Adrian Katsew Corenstein
General Manager Mexico, Central America and Caribbean
View from the Top

Pioneering Commitment to Mexican Wind Energy

Wed, 02/19/2014 - 10:53

Q: How did Vestas reach such a dominant position within the global wind industry?

A: We have always led the industry because we gave rise to the industry. We have always designed our own core technology, and have the largest fleet of wind turbines in operation. We use our advantageous position to predict the market while investing heavily in our manufacturing capacity. Vestas has taken decisive steps, changing its vision from focusing on developed markets to focusing on emerging markets such as Latin America. We have a meaningful presence in Mexico, where we cover activities for local execution across the value chain. Our local office takes care of equipment transportation as well as replacements and components, through our Mexican service and maintenance team. We have managed to become a local company and becoming local in emerging markets is part of our global strategy.

Q: How does Mexico’s investment environment compare to other emerging markets in Latin America?

A: Mexico is more attractive than other emerging markets in macro-economic terms, mainly due to the lower financial risk it presents. The country struggled with the financial crisis before the rest of the world but cleaned up its act much earlier too. Looking at credit ratings and liquidity in the banking system, it is possible to find better credit for projects in Mexican pesos than in US dollars. In addition, the unlocking of the pension system in Mexico is opening several opportunities for the energy and infrastructure sectors. There is a lot of capital available right now and the economy keeps on growing, therefore it makes sense to invest in energy in Mexico, even when it does not make sense to do so in other markets.

Q: What would be required to create the critical mass needed to sustain the development of the wind sector and secure its steady growth for the future?

The idea behind SENER’s latest study on Mexico’s wind power potential came from a previous experience within the European photovoltaic industry. For wind power, we can foresee a number of technological innovations that will continue to drop its costs. This is a fixed trend but challenges remain. We need to overcome the technical challenge of creating larger rotors and then gradually introducing larger generators. This is important as knowing what type of rotors will be available in the next few years helps us plan ahead in different areas of the country.

I was particularly interested in participating in this research because people were asking the wrong questions. Prior to this, it was common to hear stakeholders talking about Mexico’s wind power potential in GW. This question is pointless because it does not involve generation costs. When we published the results of our own research, including a graph of the supply curve that clearly demonstrates that the available amount of wind power depends on the amount of capital invested. This is also the case for possible off-takers and available self-supply projects. There are many off-takers who have great credit options but variable tariffs. Companies like FEMSA and Wal- Mart have retail mid-voltage tariffs, which make projects more attractive. This phenomenon will grow over time as technology becomes more competitive. By 2017, many industrial off-takers will be viable for self-consumption. In addition, there is a pool of potential off-takers in the public lighting system, the water pumping system, and others which have not been extensively explored.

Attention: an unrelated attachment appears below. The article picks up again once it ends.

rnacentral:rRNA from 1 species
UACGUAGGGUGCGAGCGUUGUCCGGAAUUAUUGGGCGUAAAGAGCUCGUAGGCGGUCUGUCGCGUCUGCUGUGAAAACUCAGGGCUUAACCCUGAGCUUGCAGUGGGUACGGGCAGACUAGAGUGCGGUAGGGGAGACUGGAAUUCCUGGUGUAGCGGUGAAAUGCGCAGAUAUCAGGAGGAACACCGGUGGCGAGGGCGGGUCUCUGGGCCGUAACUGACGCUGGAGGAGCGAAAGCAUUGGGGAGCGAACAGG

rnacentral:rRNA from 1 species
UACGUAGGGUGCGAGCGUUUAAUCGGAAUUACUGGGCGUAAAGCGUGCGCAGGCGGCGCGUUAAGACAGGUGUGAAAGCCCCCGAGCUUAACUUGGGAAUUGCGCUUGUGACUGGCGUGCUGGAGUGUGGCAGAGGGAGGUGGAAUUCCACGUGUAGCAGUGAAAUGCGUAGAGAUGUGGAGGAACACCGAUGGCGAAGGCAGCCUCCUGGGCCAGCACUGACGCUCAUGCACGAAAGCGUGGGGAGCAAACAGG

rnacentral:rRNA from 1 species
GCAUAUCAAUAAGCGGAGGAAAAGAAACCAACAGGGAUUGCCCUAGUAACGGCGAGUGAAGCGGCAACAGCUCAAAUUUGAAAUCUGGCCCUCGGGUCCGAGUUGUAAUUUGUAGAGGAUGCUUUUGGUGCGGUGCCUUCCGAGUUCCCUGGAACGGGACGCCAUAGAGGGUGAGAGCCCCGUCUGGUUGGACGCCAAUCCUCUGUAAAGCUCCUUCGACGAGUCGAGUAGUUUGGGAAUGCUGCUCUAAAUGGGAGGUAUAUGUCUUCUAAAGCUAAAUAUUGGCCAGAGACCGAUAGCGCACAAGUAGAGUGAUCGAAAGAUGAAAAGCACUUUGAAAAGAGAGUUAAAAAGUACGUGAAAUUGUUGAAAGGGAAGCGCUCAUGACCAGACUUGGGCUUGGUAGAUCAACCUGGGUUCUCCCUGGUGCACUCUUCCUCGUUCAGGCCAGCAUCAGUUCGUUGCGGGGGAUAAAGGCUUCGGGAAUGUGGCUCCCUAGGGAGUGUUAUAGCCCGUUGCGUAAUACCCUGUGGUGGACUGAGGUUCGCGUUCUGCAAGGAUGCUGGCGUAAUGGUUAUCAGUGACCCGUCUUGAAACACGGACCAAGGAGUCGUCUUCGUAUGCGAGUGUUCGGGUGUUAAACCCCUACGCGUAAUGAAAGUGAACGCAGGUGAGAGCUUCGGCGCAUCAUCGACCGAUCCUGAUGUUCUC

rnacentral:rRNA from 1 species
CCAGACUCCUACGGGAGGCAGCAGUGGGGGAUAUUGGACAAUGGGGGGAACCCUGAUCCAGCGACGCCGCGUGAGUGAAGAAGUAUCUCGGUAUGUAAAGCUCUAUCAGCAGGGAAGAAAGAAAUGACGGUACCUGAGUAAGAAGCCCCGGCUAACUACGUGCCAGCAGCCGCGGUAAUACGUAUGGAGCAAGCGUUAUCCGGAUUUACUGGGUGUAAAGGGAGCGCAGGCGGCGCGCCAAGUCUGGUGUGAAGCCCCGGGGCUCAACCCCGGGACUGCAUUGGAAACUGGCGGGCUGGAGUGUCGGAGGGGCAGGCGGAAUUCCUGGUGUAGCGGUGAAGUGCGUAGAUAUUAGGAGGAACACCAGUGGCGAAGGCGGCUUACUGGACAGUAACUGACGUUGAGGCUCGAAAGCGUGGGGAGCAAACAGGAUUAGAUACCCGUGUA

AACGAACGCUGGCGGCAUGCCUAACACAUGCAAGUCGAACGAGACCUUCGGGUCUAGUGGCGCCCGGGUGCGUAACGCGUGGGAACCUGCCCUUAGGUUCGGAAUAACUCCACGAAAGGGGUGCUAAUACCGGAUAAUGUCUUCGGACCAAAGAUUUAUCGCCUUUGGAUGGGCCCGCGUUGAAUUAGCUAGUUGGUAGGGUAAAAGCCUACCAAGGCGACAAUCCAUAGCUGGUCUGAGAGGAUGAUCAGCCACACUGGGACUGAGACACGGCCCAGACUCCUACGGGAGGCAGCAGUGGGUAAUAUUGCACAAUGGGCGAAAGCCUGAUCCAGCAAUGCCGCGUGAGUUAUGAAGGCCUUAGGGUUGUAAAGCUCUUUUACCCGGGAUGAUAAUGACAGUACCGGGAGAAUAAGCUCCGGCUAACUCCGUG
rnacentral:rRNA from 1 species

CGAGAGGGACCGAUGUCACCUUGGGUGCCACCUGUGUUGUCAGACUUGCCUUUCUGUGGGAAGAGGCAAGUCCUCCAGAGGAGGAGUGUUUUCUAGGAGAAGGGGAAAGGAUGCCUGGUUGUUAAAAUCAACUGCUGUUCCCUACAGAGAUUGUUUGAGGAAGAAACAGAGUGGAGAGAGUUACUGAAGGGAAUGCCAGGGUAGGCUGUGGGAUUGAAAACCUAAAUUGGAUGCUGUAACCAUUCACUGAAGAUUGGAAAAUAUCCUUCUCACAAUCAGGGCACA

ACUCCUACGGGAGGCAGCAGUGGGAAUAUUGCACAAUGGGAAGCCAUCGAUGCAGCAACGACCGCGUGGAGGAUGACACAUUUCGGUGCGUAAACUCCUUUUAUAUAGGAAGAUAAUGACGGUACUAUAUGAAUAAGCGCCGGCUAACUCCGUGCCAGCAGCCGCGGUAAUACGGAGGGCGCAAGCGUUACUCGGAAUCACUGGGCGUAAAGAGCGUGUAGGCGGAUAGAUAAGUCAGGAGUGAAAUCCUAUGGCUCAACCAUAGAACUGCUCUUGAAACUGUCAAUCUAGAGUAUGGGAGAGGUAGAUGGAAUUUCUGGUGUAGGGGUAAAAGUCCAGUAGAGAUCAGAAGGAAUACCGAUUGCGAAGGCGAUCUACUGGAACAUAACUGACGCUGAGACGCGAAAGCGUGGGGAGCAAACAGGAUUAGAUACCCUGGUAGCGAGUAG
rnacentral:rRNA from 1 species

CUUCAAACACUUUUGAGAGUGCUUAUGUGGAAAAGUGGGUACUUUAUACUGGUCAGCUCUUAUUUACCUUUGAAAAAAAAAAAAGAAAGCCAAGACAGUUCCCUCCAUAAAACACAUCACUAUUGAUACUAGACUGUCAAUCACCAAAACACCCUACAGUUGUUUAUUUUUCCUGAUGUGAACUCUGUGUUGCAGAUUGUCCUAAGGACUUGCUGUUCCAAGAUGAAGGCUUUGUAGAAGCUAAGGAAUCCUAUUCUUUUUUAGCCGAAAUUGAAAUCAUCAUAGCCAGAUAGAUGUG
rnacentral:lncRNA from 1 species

Q: How much of the development of a local supply chain will be driven by industry leaders such as Vestas as opposed to the government?

A: The industry is very committed to making this happen. When these markets are born and are explored by developers, there is an evolution towards visibility and risk-taking. Usually, these pioneers demand a regulatory framework within two to three years. This helps the market get started. However, these timeframes change for investments in manufacturing. Once developers manage to open up a market, manufacturers appear and this creates political expectations. When the Mexican government and market show the foresight to create a long-term regulatory mechanism, the industry will begin investing as it will acknowledge the need to protect the regulatory framework. In short, authorities should procure wind power and specify the type of mechanisms or contracts that will allow the industry to grow.